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Empowerment of Women

Washington DC Forum Highlights Progress of Women in Morocco

USA-2008-10-29-Washington DC Forum Highlights Progress of Women in Morocco

On a blustery autumn afternoon in Washington, DC, the Women for Peace Forum brought together over 40 women leaders to discuss “Women’s Leadership in Building a Culture of Peace.” The forum focused on the achievement of the UN Millennium Development Goals, specifically #3: Promoting gender equality and empowering women.

Women from 15 countries participated, including wives of the ambassadors from Nepal, Haiti, and Zimbabwe, representing a strong showing from the diplomatic community. Tomiko Duggan, UPF International Director of Public Affairs, began with a brief summary of the vision of UPF and a report of her recent trips to Paraguay, Kenya, and Albania for the Global Peace Festival.

Mrs. Aicha Afifi, Deputy Chief of Mission from the Embassy of Morocco, delivered a PowerPoint presentation introducing her fascinating country, its geography, political structure, and the Moudawana, or the New Family Law (see details below). She explained how the new law supported women’s equality in granting them new rights in marriage, divorce, and child custody.

Another woman leader originally from St. Croix, Dr. Patricia Morris, Executive Director of Peace X Peace, began by introducing to the audience a bit of her island culture with calypso music. She spoke about the founding of the grassroots organization by women after the violence of 9/11. Women from around the globe have been sharing their life stories and breaking down the barriers of nationality and culture, creating lasting friendships and empowerment through the Global Women’s Network. She spoke about the "wisdom of women" in creating a culture of peace.

An interesting question and answer session followed the presentations, and there was time for the women sitting at each table to meet and get to know one another other, giving them a taste of the experiences people have during the women’s Peace X Peace Circles.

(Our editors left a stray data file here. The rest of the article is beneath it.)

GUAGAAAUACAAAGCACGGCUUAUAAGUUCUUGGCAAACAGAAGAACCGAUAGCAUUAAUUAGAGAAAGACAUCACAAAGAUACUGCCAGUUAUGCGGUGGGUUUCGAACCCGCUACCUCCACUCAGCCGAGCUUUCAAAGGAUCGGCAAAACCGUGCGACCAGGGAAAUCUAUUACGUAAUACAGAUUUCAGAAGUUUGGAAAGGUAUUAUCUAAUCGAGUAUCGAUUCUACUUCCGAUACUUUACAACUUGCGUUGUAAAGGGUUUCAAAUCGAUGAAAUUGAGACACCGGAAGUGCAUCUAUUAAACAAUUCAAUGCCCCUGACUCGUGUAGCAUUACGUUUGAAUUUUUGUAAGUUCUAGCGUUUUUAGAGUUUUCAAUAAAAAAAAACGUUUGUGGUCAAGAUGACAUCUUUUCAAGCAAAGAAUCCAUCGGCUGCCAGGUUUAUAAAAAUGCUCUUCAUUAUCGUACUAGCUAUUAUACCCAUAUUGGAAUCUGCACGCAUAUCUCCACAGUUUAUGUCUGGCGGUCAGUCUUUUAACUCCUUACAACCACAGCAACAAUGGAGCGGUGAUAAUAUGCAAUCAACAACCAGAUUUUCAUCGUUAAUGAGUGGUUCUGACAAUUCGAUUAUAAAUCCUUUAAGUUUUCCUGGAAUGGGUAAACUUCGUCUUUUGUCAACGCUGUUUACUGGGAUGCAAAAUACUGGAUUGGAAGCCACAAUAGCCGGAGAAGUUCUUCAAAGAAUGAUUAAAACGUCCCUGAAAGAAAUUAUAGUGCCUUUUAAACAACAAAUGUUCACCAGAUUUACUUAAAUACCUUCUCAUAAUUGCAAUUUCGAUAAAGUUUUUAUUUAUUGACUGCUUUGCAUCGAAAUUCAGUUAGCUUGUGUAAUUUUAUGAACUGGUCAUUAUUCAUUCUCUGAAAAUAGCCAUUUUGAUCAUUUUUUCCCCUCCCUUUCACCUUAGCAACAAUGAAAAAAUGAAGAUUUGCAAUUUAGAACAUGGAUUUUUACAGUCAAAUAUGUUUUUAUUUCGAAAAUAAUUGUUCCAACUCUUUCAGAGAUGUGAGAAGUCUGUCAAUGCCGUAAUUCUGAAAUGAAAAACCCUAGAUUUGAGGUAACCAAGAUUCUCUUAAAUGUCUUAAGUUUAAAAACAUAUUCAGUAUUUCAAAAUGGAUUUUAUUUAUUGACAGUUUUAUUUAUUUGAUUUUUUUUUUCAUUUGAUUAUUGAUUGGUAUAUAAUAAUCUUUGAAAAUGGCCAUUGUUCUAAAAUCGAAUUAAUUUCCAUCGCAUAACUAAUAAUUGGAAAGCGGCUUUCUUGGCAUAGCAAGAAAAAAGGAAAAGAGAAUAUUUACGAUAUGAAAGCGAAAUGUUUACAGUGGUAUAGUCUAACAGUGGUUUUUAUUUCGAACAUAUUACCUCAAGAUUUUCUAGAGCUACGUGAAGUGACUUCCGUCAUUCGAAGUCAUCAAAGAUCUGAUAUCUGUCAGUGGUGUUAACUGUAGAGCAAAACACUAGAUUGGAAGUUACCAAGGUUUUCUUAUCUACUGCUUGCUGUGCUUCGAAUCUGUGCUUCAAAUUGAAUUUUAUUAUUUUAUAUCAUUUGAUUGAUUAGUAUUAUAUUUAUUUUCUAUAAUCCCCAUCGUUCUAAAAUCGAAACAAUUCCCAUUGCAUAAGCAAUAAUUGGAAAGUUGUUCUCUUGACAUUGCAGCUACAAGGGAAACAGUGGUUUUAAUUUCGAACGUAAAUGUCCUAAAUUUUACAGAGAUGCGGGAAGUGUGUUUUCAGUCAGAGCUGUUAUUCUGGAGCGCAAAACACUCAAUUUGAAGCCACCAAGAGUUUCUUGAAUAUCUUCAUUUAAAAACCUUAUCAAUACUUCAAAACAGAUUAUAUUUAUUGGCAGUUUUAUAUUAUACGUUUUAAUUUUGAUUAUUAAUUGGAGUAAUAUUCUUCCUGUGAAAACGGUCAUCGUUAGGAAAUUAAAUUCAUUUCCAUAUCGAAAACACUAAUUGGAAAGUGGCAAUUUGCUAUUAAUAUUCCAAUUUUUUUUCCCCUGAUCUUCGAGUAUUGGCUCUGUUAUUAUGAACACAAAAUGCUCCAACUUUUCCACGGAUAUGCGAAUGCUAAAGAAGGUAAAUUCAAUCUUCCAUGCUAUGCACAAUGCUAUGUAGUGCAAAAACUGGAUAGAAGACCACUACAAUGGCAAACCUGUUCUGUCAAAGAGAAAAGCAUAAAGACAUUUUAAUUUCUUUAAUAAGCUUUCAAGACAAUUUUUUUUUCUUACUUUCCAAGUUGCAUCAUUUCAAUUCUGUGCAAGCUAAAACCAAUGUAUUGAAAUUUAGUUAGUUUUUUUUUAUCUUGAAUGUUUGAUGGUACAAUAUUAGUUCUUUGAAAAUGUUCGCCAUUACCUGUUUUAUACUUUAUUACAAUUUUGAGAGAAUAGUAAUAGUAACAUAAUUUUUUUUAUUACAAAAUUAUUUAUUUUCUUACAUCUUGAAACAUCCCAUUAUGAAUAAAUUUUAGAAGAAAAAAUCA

The afternoon ended with a moving song, “You Lift Me Up,” sung by Nanae Goto, and a peace toast offered by the MC, Susan Fefferman. Many guests stayed afterward to network and share their inspirations with each other.

The New Moroccan Family Law (adopted in 2004)


  • Husband and wife share joint responsibility for the family;
  • The wife is no longer legally obliged to obey her husband;
  • The adult woman is entitled to self-guardianship, rather than that of a male family member, and may exercise it freely and independently;
  • The minimum age of marriage is 18 for both men and women.


  • The right to divorce is a prerogative of both men and women, exercised under judicial supervision;
  • The principle of divorce by mutual consent is established.


  • Polygamy is subject to the judge’s authorization and to stringent legal conditions, making the practice nearly impossible;
  • The woman has the right to impose a condition in the marriage contract requiring that her husband refrain from taking other wives;
  • If there is no pre-established condition, the first wife must be informed of her husband’s intent to remarry, the second wife must be informed that her husband-to-be is already married, and moreover, the first wife may ask for a divorce due to harm suffered.

Enforcement of the Law:

  • The Family Law assigns a key role to the judiciary in upholding the rule of law and provides for the public prosecutor to be a party to every legal action involving the enforcement of Family Law stipulations.

Children’s Rights:

  • The woman is given the possibility of retaining custody of her child even upon remarrying or moving out of the area where her husband lives;
  • The child’s right to acknowledgment of paternity is protected in that case that the marriage has not been officially registered.

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